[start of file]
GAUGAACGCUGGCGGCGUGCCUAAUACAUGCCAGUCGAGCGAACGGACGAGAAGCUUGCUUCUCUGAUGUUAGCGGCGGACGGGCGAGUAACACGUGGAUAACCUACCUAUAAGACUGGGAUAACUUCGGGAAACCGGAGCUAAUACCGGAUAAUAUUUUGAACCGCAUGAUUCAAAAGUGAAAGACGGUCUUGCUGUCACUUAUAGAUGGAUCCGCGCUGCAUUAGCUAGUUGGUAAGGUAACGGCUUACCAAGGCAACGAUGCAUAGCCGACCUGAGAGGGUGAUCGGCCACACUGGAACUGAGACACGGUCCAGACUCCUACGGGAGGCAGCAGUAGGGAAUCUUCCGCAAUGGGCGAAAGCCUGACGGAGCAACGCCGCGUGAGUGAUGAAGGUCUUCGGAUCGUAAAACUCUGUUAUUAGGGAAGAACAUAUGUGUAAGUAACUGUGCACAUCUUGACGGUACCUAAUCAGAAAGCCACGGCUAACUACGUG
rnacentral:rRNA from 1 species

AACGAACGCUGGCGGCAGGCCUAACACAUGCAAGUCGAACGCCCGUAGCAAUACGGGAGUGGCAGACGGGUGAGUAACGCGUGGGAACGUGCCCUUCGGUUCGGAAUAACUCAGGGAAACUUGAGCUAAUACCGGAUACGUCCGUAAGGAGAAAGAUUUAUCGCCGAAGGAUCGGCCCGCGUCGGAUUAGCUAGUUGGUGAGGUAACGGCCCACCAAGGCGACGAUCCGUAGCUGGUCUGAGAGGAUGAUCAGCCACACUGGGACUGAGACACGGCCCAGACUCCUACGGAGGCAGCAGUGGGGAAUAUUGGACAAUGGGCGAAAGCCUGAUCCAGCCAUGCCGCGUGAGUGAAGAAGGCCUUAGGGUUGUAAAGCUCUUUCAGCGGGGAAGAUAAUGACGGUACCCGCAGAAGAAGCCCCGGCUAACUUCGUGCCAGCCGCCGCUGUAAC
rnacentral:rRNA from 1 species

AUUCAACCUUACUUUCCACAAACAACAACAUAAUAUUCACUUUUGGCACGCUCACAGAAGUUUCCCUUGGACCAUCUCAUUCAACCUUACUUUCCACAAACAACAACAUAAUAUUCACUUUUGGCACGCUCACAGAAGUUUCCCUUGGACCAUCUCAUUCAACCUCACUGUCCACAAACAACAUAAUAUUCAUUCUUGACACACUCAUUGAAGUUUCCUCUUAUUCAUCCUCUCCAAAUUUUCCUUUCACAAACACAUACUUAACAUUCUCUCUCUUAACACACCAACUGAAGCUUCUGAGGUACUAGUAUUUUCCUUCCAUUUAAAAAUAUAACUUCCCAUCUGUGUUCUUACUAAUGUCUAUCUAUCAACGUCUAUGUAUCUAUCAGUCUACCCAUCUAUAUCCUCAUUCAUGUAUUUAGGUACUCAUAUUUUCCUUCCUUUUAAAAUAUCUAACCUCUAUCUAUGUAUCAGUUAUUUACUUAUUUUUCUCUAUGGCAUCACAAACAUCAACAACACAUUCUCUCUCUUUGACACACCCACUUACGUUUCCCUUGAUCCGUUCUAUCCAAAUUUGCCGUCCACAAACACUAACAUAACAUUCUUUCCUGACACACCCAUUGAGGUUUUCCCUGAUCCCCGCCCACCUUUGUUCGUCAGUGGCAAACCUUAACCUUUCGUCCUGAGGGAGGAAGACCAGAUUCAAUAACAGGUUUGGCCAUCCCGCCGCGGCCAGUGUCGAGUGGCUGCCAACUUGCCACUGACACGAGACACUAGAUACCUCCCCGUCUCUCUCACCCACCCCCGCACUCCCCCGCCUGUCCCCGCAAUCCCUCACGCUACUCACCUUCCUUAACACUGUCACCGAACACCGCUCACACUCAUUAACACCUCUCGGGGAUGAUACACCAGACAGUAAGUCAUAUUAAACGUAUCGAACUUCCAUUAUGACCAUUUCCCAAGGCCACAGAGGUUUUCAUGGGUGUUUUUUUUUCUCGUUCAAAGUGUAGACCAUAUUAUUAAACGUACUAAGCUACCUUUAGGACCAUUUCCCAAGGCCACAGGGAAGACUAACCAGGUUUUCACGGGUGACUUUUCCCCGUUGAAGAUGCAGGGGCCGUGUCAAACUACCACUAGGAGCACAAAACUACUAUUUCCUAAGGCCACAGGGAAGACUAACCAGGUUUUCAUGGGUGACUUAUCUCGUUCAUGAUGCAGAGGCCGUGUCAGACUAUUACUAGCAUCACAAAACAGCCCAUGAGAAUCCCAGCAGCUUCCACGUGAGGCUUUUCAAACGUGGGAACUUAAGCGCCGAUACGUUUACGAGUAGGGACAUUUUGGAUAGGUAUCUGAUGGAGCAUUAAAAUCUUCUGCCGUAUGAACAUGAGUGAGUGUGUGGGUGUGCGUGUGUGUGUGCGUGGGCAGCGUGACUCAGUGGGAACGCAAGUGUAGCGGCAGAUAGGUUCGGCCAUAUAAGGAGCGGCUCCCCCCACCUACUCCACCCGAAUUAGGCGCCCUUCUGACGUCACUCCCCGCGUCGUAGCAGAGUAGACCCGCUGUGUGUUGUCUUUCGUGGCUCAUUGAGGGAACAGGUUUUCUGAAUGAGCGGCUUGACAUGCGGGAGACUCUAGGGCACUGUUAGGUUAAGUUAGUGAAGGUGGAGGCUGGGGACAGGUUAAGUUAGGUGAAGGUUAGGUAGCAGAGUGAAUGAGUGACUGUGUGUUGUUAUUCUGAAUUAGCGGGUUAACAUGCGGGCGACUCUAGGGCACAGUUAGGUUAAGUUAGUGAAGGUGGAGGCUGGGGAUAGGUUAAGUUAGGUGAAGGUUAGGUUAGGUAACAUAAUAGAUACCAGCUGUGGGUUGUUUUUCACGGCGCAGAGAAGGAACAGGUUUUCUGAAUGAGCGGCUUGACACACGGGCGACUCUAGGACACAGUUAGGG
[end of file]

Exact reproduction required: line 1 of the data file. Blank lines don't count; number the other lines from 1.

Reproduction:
GAUGAACGCUGGCGGCGUGCCUAAUACAUGCCAGUCGAGCGAACGGACGAGAAGCUUGCUUCUCUGAUGUUAGCGGCGGACGGGCGAGUAACACGUGGAUAACCUACCUAUAAGACUGGGAUAACUUCGGGAAACCGGAGCUAAUACCGGAUAAUAUUUUGAACCGCAUGAUUCAAAAGUGAAAGACGGUCUUGCUGUCACUUAUAGAUGGAUCCGCGCUGCAUUAGCUAGUUGGUAAGGUAACGGCUUACCAAGGCAACGAUGCAUAGCCGACCUGAGAGGGUGAUCGGCCACACUGGAACUGAGACACGGUCCAGACUCCUACGGGAGGCAGCAGUAGGGAAUCUUCCGCAAUGGGCGAAAGCCUGACGGAGCAACGCCGCGUGAGUGAUGAAGGUCUUCGGAUCGUAAAACUCUGUUAUUAGGGAAGAACAUAUGUGUAAGUAACUGUGCACAUCUUGACGGUACCUAAUCAGAAAGCCACGGCUAACUACGUG